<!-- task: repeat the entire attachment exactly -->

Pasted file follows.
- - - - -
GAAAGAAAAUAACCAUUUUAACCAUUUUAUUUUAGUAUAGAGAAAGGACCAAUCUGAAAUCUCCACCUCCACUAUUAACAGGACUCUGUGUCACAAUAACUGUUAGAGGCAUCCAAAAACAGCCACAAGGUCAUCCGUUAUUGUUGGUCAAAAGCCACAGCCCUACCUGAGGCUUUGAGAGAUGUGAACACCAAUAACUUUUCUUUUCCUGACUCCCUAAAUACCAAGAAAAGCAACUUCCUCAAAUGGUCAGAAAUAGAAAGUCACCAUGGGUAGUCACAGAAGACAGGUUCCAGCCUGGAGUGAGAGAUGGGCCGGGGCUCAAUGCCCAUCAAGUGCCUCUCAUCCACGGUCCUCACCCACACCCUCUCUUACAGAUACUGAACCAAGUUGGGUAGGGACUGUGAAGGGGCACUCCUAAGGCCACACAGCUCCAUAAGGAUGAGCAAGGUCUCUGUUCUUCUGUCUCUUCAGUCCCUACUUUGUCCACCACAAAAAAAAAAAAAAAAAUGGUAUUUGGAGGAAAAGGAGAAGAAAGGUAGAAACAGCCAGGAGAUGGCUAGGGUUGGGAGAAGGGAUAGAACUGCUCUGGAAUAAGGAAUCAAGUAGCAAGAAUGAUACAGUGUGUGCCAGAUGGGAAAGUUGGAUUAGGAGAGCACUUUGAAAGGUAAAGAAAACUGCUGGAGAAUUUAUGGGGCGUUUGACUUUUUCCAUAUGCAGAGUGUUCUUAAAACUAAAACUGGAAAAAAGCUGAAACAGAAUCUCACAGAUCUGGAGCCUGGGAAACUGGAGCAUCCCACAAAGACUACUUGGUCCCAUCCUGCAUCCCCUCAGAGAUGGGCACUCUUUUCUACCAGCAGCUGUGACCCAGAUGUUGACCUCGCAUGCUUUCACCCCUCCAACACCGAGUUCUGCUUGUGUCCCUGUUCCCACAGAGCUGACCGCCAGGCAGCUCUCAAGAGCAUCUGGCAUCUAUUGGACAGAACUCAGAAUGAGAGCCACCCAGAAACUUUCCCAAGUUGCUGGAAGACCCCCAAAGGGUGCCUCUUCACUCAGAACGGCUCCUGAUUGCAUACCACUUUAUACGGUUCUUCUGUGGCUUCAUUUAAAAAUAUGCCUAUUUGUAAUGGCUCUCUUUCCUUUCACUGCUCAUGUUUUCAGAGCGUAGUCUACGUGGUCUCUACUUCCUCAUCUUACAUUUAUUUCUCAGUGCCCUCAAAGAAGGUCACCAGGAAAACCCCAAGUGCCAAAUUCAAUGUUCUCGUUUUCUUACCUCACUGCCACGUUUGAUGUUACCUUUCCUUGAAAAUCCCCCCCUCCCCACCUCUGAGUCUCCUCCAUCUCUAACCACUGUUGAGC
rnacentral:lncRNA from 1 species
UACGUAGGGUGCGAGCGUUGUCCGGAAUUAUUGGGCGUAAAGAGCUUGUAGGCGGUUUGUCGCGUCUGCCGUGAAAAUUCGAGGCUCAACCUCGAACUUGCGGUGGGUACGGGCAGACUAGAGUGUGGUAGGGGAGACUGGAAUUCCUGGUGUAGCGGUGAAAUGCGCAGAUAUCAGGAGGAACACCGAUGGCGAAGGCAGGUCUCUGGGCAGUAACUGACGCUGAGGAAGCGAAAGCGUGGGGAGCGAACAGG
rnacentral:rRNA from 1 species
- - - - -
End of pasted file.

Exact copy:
GAAAGAAAAUAACCAUUUUAACCAUUUUAUUUUAGUAUAGAGAAAGGACCAAUCUGAAAUCUCCACCUCCACUAUUAACAGGACUCUGUGUCACAAUAACUGUUAGAGGCAUCCAAAAACAGCCACAAGGUCAUCCGUUAUUGUUGGUCAAAAGCCACAGCCCUACCUGAGGCUUUGAGAGAUGUGAACACCAAUAACUUUUCUUUUCCUGACUCCCUAAAUACCAAGAAAAGCAACUUCCUCAAAUGGUCAGAAAUAGAAAGUCACCAUGGGUAGUCACAGAAGACAGGUUCCAGCCUGGAGUGAGAGAUGGGCCGGGGCUCAAUGCCCAUCAAGUGCCUCUCAUCCACGGUCCUCACCCACACCCUCUCUUACAGAUACUGAACCAAGUUGGGUAGGGACUGUGAAGGGGCACUCCUAAGGCCACACAGCUCCAUAAGGAUGAGCAAGGUCUCUGUUCUUCUGUCUCUUCAGUCCCUACUUUGUCCACCACAAAAAAAAAAAAAAAAAUGGUAUUUGGAGGAAAAGGAGAAGAAAGGUAGAAACAGCCAGGAGAUGGCUAGGGUUGGGAGAAGGGAUAGAACUGCUCUGGAAUAAGGAAUCAAGUAGCAAGAAUGAUACAGUGUGUGCCAGAUGGGAAAGUUGGAUUAGGAGAGCACUUUGAAAGGUAAAGAAAACUGCUGGAGAAUUUAUGGGGCGUUUGACUUUUUCCAUAUGCAGAGUGUUCUUAAAACUAAAACUGGAAAAAAGCUGAAACAGAAUCUCACAGAUCUGGAGCCUGGGAAACUGGAGCAUCCCACAAAGACUACUUGGUCCCAUCCUGCAUCCCCUCAGAGAUGGGCACUCUUUUCUACCAGCAGCUGUGACCCAGAUGUUGACCUCGCAUGCUUUCACCCCUCCAACACCGAGUUCUGCUUGUGUCCCUGUUCCCACAGAGCUGACCGCCAGGCAGCUCUCAAGAGCAUCUGGCAUCUAUUGGACAGAACUCAGAAUGAGAGCCACCCAGAAACUUUCCCAAGUUGCUGGAAGACCCCCAAAGGGUGCCUCUUCACUCAGAACGGCUCCUGAUUGCAUACCACUUUAUACGGUUCUUCUGUGGCUUCAUUUAAAAAUAUGCCUAUUUGUAAUGGCUCUCUUUCCUUUCACUGCUCAUGUUUUCAGAGCGUAGUCUACGUGGUCUCUACUUCCUCAUCUUACAUUUAUUUCUCAGUGCCCUCAAAGAAGGUCACCAGGAAAACCCCAAGUGCCAAAUUCAAUGUUCUCGUUUUCUUACCUCACUGCCACGUUUGAUGUUACCUUUCCUUGAAAAUCCCCCCCUCCCCACCUCUGAGUCUCCUCCAUCUCUAACCACUGUUGAGC
rnacentral:lncRNA from 1 species
UACGUAGGGUGCGAGCGUUGUCCGGAAUUAUUGGGCGUAAAGAGCUUGUAGGCGGUUUGUCGCGUCUGCCGUGAAAAUUCGAGGCUCAACCUCGAACUUGCGGUGGGUACGGGCAGACUAGAGUGUGGUAGGGGAGACUGGAAUUCCUGGUGUAGCGGUGAAAUGCGCAGAUAUCAGGAGGAACACCGAUGGCGAAGGCAGGUCUCUGGGCAGUAACUGACGCUGAGGAAGCGAAAGCGUGGGGAGCGAACAGG
rnacentral:rRNA from 1 species